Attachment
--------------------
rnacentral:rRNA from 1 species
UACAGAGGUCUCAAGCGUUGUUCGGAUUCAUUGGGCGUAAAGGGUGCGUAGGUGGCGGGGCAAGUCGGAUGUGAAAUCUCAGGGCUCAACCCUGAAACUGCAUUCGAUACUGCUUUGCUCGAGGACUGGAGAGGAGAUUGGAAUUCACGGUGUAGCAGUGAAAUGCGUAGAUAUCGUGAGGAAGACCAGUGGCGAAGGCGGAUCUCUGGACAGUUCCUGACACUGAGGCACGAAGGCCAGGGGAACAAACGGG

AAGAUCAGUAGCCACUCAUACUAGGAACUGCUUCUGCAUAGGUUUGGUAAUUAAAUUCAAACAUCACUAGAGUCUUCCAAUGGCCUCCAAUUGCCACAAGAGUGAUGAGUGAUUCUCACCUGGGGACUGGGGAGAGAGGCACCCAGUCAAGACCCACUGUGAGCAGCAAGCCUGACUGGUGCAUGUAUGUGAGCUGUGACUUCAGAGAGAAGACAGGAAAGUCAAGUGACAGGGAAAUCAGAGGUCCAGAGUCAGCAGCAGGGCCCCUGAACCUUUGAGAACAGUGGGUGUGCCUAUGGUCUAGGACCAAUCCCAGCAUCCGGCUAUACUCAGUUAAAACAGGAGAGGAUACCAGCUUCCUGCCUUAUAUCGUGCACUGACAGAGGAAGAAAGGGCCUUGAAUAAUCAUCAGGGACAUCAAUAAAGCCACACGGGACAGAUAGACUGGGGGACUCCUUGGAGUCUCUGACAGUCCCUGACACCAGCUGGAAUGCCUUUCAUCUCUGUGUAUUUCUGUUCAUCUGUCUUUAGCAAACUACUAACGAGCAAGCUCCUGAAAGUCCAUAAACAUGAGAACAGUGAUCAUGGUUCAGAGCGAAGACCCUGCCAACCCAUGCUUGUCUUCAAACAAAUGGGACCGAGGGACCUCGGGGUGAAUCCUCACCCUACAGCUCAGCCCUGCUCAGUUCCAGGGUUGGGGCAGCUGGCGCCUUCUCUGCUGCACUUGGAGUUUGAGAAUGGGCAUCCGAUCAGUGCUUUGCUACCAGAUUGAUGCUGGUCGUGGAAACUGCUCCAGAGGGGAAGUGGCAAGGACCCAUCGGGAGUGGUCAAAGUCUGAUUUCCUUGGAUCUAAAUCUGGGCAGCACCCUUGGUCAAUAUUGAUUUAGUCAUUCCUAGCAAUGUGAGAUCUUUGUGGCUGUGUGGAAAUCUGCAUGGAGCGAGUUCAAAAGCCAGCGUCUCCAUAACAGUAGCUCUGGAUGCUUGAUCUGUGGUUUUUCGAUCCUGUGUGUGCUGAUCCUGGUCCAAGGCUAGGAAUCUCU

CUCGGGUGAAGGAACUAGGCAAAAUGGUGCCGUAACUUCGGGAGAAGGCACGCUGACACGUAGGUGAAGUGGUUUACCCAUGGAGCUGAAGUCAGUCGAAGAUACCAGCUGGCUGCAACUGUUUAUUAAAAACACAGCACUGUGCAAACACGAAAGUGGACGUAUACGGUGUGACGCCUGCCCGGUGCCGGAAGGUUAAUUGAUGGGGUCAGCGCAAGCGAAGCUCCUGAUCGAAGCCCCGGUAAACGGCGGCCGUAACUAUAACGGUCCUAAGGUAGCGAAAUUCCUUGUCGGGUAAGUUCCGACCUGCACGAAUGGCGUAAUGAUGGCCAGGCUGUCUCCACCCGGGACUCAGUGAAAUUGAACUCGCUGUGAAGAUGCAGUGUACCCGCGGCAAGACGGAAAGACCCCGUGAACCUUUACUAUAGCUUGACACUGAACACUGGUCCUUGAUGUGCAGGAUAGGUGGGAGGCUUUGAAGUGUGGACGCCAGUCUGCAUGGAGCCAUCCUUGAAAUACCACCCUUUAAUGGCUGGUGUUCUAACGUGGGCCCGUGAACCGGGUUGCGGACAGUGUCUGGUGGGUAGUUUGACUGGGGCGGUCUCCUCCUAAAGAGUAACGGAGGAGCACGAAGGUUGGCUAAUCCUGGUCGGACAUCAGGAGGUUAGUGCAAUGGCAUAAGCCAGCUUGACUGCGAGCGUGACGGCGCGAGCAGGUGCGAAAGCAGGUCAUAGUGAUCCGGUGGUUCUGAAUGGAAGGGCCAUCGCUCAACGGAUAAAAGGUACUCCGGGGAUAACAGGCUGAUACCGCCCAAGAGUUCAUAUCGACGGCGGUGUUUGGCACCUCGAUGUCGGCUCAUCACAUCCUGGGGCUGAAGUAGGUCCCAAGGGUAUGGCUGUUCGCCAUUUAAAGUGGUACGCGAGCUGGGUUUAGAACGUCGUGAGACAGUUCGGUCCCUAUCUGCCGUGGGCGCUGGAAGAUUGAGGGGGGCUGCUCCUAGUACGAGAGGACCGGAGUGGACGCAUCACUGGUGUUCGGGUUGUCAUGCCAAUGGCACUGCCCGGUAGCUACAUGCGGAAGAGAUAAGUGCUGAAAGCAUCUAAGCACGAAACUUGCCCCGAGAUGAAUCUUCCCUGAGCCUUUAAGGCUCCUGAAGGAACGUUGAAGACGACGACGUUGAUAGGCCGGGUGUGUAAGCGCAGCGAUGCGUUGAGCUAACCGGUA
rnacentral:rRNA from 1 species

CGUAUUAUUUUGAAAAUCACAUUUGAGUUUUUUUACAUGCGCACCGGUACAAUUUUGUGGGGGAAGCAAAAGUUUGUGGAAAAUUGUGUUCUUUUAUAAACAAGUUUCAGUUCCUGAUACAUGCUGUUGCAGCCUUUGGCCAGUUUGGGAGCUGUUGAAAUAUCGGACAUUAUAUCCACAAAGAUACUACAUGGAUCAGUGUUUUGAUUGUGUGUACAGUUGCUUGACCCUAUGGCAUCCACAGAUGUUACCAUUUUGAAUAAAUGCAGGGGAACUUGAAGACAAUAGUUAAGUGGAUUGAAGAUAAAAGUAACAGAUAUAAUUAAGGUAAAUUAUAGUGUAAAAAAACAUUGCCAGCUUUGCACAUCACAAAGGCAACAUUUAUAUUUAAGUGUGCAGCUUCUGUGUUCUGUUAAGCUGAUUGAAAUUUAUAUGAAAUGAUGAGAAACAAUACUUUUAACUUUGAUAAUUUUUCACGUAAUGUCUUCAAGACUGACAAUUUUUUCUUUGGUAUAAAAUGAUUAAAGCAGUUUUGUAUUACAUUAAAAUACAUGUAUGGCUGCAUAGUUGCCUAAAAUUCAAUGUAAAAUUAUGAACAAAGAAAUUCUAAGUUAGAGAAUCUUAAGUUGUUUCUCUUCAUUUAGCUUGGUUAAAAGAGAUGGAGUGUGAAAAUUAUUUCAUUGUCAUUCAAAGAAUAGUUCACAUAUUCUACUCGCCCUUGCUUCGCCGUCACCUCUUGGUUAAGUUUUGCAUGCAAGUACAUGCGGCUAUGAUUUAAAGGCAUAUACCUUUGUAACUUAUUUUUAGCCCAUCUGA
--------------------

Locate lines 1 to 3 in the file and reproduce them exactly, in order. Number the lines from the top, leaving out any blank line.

rnacentral:rRNA from 1 species
UACAGAGGUCUCAAGCGUUGUUCGGAUUCAUUGGGCGUAAAGGGUGCGUAGGUGGCGGGGCAAGUCGGAUGUGAAAUCUCAGGGCUCAACCCUGAAACUGCAUUCGAUACUGCUUUGCUCGAGGACUGGAGAGGAGAUUGGAAUUCACGGUGUAGCAGUGAAAUGCGUAGAUAUCGUGAGGAAGACCAGUGGCGAAGGCGGAUCUCUGGACAGUUCCUGACACUGAGGCACGAAGGCCAGGGGAACAAACGGG

AAGAUCAGUAGCCACUCAUACUAGGAACUGCUUCUGCAUAGGUUUGGUAAUUAAAUUCAAACAUCACUAGAGUCUUCCAAUGGCCUCCAAUUGCCACAAGAGUGAUGAGUGAUUCUCACCUGGGGACUGGGGAGAGAGGCACCCAGUCAAGACCCACUGUGAGCAGCAAGCCUGACUGGUGCAUGUAUGUGAGCUGUGACUUCAGAGAGAAGACAGGAAAGUCAAGUGACAGGGAAAUCAGAGGUCCAGAGUCAGCAGCAGGGCCCCUGAACCUUUGAGAACAGUGGGUGUGCCUAUGGUCUAGGACCAAUCCCAGCAUCCGGCUAUACUCAGUUAAAACAGGAGAGGAUACCAGCUUCCUGCCUUAUAUCGUGCACUGACAGAGGAAGAAAGGGCCUUGAAUAAUCAUCAGGGACAUCAAUAAAGCCACACGGGACAGAUAGACUGGGGGACUCCUUGGAGUCUCUGACAGUCCCUGACACCAGCUGGAAUGCCUUUCAUCUCUGUGUAUUUCUGUUCAUCUGUCUUUAGCAAACUACUAACGAGCAAGCUCCUGAAAGUCCAUAAACAUGAGAACAGUGAUCAUGGUUCAGAGCGAAGACCCUGCCAACCCAUGCUUGUCUUCAAACAAAUGGGACCGAGGGACCUCGGGGUGAAUCCUCACCCUACAGCUCAGCCCUGCUCAGUUCCAGGGUUGGGGCAGCUGGCGCCUUCUCUGCUGCACUUGGAGUUUGAGAAUGGGCAUCCGAUCAGUGCUUUGCUACCAGAUUGAUGCUGGUCGUGGAAACUGCUCCAGAGGGGAAGUGGCAAGGACCCAUCGGGAGUGGUCAAAGUCUGAUUUCCUUGGAUCUAAAUCUGGGCAGCACCCUUGGUCAAUAUUGAUUUAGUCAUUCCUAGCAAUGUGAGAUCUUUGUGGCUGUGUGGAAAUCUGCAUGGAGCGAGUUCAAAAGCCAGCGUCUCCAUAACAGUAGCUCUGGAUGCUUGAUCUGUGGUUUUUCGAUCCUGUGUGUGCUGAUCCUGGUCCAAGGCUAGGAAUCUCU